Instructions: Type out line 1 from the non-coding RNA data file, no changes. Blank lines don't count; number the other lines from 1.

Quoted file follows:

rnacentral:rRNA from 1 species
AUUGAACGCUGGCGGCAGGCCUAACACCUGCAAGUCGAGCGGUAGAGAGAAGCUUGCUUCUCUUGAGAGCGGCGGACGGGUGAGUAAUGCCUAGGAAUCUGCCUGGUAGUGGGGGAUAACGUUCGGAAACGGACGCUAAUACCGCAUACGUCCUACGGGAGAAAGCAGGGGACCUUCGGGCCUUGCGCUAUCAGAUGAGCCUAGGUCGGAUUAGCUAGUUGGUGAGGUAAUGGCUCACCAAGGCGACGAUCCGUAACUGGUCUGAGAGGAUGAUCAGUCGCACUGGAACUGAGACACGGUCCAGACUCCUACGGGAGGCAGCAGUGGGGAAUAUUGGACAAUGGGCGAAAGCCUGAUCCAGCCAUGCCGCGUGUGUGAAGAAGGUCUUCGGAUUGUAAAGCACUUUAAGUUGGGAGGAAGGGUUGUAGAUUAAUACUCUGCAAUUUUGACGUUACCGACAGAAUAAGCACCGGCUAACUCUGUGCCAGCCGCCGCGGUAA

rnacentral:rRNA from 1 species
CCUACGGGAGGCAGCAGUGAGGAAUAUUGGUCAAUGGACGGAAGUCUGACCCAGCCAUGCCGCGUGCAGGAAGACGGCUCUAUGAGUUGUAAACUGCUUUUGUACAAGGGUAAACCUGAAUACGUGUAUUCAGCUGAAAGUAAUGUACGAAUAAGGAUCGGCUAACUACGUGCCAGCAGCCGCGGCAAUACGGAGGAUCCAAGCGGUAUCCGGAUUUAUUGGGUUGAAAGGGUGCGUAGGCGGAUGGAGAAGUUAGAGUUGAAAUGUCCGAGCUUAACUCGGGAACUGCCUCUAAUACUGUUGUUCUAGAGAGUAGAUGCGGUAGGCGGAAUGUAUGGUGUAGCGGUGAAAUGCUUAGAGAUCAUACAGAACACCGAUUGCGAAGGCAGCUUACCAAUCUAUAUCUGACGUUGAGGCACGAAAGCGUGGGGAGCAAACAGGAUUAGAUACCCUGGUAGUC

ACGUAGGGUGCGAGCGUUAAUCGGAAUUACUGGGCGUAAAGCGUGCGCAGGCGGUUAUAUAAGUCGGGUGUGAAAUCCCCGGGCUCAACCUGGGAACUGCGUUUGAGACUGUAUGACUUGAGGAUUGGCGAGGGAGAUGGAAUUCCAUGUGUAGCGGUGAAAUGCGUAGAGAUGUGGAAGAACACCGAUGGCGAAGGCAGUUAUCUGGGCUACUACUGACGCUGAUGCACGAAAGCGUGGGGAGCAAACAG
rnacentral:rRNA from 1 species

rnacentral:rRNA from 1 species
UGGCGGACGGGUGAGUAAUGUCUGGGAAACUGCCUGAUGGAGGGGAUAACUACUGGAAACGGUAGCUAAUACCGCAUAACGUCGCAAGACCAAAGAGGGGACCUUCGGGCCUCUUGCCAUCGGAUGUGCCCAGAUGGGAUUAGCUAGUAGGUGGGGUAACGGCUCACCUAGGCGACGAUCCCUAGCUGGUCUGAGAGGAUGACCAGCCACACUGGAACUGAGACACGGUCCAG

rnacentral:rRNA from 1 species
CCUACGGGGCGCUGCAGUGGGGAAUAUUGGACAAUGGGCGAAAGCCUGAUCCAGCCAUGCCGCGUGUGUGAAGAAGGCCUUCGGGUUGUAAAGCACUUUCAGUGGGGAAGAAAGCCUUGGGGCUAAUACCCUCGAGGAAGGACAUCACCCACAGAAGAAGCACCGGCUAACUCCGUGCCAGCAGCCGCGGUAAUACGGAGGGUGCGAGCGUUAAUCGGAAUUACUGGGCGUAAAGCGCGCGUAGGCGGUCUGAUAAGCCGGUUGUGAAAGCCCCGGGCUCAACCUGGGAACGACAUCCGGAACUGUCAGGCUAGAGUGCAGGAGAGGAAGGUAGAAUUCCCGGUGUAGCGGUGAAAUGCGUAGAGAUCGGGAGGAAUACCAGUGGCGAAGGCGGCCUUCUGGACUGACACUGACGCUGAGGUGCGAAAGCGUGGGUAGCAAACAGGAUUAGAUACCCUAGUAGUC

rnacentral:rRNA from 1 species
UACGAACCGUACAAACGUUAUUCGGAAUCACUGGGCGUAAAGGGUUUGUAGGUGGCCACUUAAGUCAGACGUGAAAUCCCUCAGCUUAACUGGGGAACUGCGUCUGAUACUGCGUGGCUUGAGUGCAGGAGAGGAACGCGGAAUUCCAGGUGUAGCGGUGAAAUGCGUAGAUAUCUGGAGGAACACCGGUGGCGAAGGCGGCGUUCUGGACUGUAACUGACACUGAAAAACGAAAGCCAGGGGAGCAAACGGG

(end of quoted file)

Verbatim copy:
rnacentral:rRNA from 1 species